Should I just have a separate items_list.py file with the three of these I require and then import them into the __init__.py file?

Sorry to seem thick, but this is a bit new to me…

EDIT:

If it helps here is the declaration of the EnumProperty:

    Scene.pdt_lib_objects = EnumProperty(
        items=enumlist_objects, name="Objects", description=PDT_DES_LIBOBS
    )

And here is the menu in the UI:

54

You certainly don’t sound thick to me. I’ve probably misunderstood @sybren. Let’s see what he has to say

1 Like

A module-global name is just one that’s declared at the module level (so not inside a function). Doing that in one file or another file (like the proposed some_module.py) has no effect on this.

The global keyword is only necessary inside a function, if you want to assign something. Python is quite a simple language; if a function contains any line like x = Y, it assumes the name x is local to that function. If you wanted to assign to the global x, you have to use the global keyword. If you look at this from the other side: if you can avoid the assignment, you can also remove the global.

This would work:

_enum_items = []

def enum_items(self, context):
    _enum_items.clear()
    for ob in object_names:
        _enum_items.append((ob, ob, ""))
    return _enum_items

Because there is no assignment to _enum_items inside the function, it’s clear to Python what you mean, and you don’t need global.

2 Likes

Thank you so much for your help here, now I understand! I am very new to making add-ons and new to Python, it is so different to the languages I used in my career all those years ago…

Here is my revised code showing just one of the three functions to populate the three EnumProperties:

# Declare enum items variables
#
_pdt_obj_items = []
_pdt_col_items = []
_pdt_mat_items = []


def enumlist_objects(self, context):
    """Populate Objects List from Parts Library.

    Creates list of objects that optionally have search string contained in them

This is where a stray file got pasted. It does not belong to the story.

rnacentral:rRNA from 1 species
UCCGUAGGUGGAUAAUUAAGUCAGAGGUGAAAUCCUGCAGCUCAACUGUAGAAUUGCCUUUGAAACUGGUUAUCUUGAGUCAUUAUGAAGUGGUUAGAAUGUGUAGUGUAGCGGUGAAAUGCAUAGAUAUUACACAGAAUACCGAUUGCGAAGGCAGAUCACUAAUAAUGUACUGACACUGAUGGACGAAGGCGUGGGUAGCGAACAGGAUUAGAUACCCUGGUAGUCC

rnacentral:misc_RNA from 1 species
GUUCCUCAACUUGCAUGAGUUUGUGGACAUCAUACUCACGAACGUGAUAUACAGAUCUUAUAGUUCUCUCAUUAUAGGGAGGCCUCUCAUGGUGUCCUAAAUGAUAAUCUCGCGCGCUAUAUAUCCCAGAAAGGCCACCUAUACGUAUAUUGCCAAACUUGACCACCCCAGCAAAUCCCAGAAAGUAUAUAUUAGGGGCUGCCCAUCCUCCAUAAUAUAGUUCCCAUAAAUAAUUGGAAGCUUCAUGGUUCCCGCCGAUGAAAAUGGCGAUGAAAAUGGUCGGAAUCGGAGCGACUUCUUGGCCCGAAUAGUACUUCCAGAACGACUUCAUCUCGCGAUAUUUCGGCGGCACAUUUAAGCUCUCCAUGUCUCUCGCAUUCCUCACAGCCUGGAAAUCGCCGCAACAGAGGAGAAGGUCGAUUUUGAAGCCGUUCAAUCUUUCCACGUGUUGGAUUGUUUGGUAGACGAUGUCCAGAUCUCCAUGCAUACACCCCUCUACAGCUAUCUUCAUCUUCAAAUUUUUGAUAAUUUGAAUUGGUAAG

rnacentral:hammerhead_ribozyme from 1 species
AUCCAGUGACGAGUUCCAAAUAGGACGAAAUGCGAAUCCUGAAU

to populate variable pdt_lib_objects enumerator.

    Args:
        context: Current Blender bpy.context

    Returns:
        list of Object Names.
    """

    scene = context.scene
    path = os.path.join(str(Path(__file__).parents[0]), "parts_library.blend")
    _pdt_obj_items.clear()

    if Path(path).is_file():
        with bpy.data.libraries.load(path) as (data_from, data_to):
            if len(scene.pdt_obsearch) == 0:
                object_names = [ob for ob in data_from.objects]
            else:
                object_names = [ob for ob in data_from.objects if scene.pdt_obsearch in ob]
        for object_name in object_names:
            _pdt_obj_items.append((object_name, object_name, ""))
    else:
        _pdt_obj_items.append(("MISSING","Library is Missing",""))
    return _pdt_obj_items

Thanks also to @Zollie :grin:

Cheers, Clock.

Ok, that’s overly complex. If you’re using pathlib.Path (which I really can recommend because it makes life easy), you can avoid using os.path. This does pretty much the same:

path = Path(__file__).parent / "parts_library.blend"

The only difference that here path is still a Path object. Probably easier to work with, and you can always convert it to a string with str(path) when you need to pass it to some code that doesn’t understand pathlib.Path objects. However, later you do Path(path) anyway, so having a Path is handy.

1 Like

Thank you once again, I changed it to this:

path = Path(__file__).parent / "parts_library.blend"
    _pdt_obj_items.clear()

    if path.is_file():
        with bpy.data.libraries.load(str(path)) as (data_from, data_to):

So much to learn still…

Cheers, Clock.